Resources

Aside from lectures, the following resources are available to all students enrolled or waitlisted in the class:

  • Piazza for asking questions about course material, assignments, or logistical issues
  • Discussion Sections (schedule here), which are weekly 1-hour sections led by TAs focused on problem solving. Discussions will consist of both lecture concepts and new material.
  • Office Hours (schedule here) for getting help with conceptual or homework questions

If you want to brush up on prerequisite material:

  • Here's a short summary of math for machine learning written by our former TA Garrett Thomas.
  • Stanford's machine learning class provides additional reviews of linear algebra and probability theory.
  • There's a fantastic collection of linear algebra visualizations on YouTube by 3Blue1Brown starting with this playlist, The Essence of Linear Algebra. I highly recommend them, even if you think you already understand linear algebra. It's not enough to know how to work with matrix algebra equations; it's equally important to have a geometric intuition for what it all means.
  • To learn matrix calculus (which will rear its head first in Homework 2), check out the first two chapters of The Matrix Cookbook.
  • Another locally written review of linear algebra appears in this book by Prof. Laurent El Ghaoui.
  • An alternative guide to CS 189 material (if you're looking for a second set of lecture notes besides mine), written by our former TAs Soroush Nasiriany and Garrett Thomas, is available at this link. I recommend reading my notes first, but reading the same material presented a different way can help you firm up your understanding.

Homeworks

There will be a total of 7 homework assignments, most of which will involve a combination of math and coding. Below are tentative due dates; each homework will be released immediately after the previous one is due.

  • Homework 1 is due Wednesday, January 26 at 11:59 PM.
  • Homework 2 is due Wednesday, February 9 at 11:59 PM.
  • Homework 3 is due Wednesday, February 23 at 11:59 PM.
  • Homework 4 is due Wednesday, March 9 at 11:59 PM.
  • Homework 5 is due Wednesday, March 30 at 11:59 PM.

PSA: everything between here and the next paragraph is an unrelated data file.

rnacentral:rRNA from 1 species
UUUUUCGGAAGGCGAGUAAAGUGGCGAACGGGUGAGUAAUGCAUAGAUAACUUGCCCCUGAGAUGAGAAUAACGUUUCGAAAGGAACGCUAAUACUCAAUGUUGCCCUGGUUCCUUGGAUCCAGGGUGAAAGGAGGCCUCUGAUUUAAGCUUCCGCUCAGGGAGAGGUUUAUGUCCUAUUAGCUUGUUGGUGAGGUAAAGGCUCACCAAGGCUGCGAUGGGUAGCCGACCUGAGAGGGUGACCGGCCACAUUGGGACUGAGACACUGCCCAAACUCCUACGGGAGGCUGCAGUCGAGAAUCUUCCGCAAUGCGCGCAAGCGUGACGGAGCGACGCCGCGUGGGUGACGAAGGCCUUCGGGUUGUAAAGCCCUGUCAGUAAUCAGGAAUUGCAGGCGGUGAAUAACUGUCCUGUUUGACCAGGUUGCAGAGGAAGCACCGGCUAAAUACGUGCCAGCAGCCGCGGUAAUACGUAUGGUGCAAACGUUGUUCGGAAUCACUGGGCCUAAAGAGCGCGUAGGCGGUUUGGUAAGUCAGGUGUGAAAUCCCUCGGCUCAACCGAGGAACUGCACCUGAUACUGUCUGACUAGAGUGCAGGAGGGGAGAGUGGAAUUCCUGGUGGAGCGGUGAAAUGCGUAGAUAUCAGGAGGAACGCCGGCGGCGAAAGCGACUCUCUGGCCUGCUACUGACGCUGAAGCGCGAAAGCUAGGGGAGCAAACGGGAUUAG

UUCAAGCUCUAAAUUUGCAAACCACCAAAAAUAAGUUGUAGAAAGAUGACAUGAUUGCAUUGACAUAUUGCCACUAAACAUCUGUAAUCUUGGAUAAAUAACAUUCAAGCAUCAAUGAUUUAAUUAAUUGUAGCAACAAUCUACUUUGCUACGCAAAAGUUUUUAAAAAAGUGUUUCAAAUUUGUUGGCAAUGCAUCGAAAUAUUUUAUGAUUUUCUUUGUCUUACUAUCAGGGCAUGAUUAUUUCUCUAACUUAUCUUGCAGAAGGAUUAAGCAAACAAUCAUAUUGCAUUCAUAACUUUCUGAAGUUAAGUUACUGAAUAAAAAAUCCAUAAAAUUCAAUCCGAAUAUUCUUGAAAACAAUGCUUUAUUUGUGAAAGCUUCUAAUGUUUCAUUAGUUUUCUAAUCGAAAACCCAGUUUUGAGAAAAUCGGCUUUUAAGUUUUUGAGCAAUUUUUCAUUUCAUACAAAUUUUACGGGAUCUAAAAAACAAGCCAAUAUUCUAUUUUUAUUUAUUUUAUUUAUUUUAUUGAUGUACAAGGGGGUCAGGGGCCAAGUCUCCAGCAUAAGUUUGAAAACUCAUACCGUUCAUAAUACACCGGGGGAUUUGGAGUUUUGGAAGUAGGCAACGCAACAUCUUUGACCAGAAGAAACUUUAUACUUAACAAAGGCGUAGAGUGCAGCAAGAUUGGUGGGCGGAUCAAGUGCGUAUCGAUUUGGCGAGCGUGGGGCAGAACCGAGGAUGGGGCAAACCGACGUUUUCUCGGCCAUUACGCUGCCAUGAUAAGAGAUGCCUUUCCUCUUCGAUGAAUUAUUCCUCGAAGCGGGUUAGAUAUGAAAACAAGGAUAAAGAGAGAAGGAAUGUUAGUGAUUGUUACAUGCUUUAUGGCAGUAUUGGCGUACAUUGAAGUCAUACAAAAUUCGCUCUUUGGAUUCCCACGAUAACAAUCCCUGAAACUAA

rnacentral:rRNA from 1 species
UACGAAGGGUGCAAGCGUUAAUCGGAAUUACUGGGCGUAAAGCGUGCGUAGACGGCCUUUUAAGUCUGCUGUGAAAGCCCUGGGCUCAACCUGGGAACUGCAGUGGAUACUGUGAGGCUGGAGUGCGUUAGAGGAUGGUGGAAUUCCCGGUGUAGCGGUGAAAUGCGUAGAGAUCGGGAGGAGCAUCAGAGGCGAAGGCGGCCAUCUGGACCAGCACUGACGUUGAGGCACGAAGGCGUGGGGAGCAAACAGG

• Homework 6 is due Wednesday, April 20 at 11:59 PM.
  • Homework 7 is due Wednesday, May 4 at 11:59 PM.

Collaboration

  • Discussion of HW problems is encouraged. Showing other students small amounts of code for debugging purposes is okay. However, all work, including programming, must be written individually.
  • Remember to cite any sources you used and provide a list of other students you worked with on the homework.
  • We will actively check for plagiarism.
  • The typical penalty for any kind of cheating is a large NEGATIVE score, but we reserve the right to give an instant F for even one violation, and will always give an F for two.

Late Policy

You will receive 5 slip days total, which can be used to submit assignments late without penalty. Please budget them carefully — they are meant to be used primarily for emergency purposes, such as illnesses or technical issues during submission. We will generally not grant extensions for such issues, as you are expected to use your slip days instead.

  • Granularity is in days, so any submissions past 12am will use an entire slip day.
  • Late submissions receive zero credit if you do not have any slip days left to use.
  • We will apply your slip days optimally at the end of the semester to maximize your homework grade.
  • If you are in the Disabled Students' Program and you are offered an extension, even with your extension plus slip days combined, no single assignment can be extended more than 5 days.